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lecture6 - Lecture 6 Notes 07 06 The Doppler effect The...

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Lecture 6 Notes: 07 / 06 The Doppler effect The Doppler effect is a shift in frequency that results from motion of the source or the observer (or both). Consider first the case of a stationary source and a moving observer. Let f S be the frequency of the source, and f O be the frequency measured by the observer. The source creates a bunch of sound waves with wave fronts separated by a wavelength λ . If the observer were stationary, the number of wave fronts passing him every second would be equal to the frequency of the source, f S = c / λ . However, if the observer is moving towards the source with speed v , he will pass more wavefronts per second: f O = (c+v) / λ . Dividing the frequency of the observer by that of the source, we get f O / f S = (c+v) / c , or If the observer moves away from the source, rather than towards it, the sign of v is simply reversed. Now consider a moving source and a stationary observer. Suppose the source is moving towards the observer with speed v :
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If the source was stationary, it would emit wave crests a distance λ apart, but now, over one period, the source moves a distance vT , so the next wave crest is emitted a distance of only λ - vT = λ - v / f S from the first. The observer therefore sees a wavelength of l O = λ - v / f S and a frequency of f O = c / λ O = c / ( λ - v / f S ) . Multiplying both the numerator and the denominator by f S and using λ f S = c , we obtain Again, if the source is receding from the observer rather than approaching, the sign of v is reversed. The rule of thumb is that the frequency increases if the source and the observer are moving closer with time, and decreases if the source and the observer are getting farther and farther away from each other. Example: Suppose the source is moving towards the observer with speed v S , and the observer is simultaneously moving towards the source with speed v O . What is the frequency measured by the observer, in terms of the source frequency? We can derive the equation for both the source and the observer moving by breaking up the problem into two steps. First, introduce an additional observer A , located between the source S and the observer O , who is stationary with respect to the medium through which the sound is propagating: The stationary observer A measures the frequency of the moving source to be The sound wave passes through A at this frequency, and continues on the observer O . Therefore, A can be treated as a stationary source with frequency f A . The frequency measured by the moving observer O is then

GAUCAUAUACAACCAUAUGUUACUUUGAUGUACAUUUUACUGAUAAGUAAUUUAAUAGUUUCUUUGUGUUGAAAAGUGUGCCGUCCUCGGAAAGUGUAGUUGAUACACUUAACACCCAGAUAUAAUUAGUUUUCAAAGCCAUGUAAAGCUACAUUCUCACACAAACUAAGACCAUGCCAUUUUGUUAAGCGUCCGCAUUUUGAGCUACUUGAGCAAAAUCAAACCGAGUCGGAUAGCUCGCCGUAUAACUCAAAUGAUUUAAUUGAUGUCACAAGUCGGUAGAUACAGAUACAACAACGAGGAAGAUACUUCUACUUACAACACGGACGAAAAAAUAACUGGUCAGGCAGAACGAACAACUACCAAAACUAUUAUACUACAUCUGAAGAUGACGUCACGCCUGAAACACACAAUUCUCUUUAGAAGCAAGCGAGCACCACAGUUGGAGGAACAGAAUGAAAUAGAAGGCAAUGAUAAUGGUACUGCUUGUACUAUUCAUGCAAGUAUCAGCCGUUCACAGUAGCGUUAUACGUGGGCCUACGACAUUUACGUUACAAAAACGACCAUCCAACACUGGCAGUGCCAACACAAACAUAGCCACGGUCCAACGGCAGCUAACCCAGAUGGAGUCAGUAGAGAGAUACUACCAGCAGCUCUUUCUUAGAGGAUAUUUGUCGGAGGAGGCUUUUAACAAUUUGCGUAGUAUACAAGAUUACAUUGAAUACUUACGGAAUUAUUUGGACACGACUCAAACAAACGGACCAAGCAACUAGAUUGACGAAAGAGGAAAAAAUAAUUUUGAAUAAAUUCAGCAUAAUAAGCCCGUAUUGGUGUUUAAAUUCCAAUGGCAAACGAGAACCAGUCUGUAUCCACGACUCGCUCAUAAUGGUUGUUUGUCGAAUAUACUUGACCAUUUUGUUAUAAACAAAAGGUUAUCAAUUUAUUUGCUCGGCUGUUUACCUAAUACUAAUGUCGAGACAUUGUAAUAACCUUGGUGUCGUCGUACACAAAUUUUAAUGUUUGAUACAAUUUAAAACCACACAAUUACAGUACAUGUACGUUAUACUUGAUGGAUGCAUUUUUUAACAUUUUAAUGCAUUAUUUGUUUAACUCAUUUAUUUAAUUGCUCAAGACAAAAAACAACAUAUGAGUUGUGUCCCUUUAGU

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Example: Suppose that an active sonar on a stationary ship is used to determine a receding ship's speed. A sonar ping is emitted at a frequency of 1400 hz , and the echo returns with a frequency of 1390 hz . The speed of sound in water is approximately 1500 m/s . How fast is the ship moving away?
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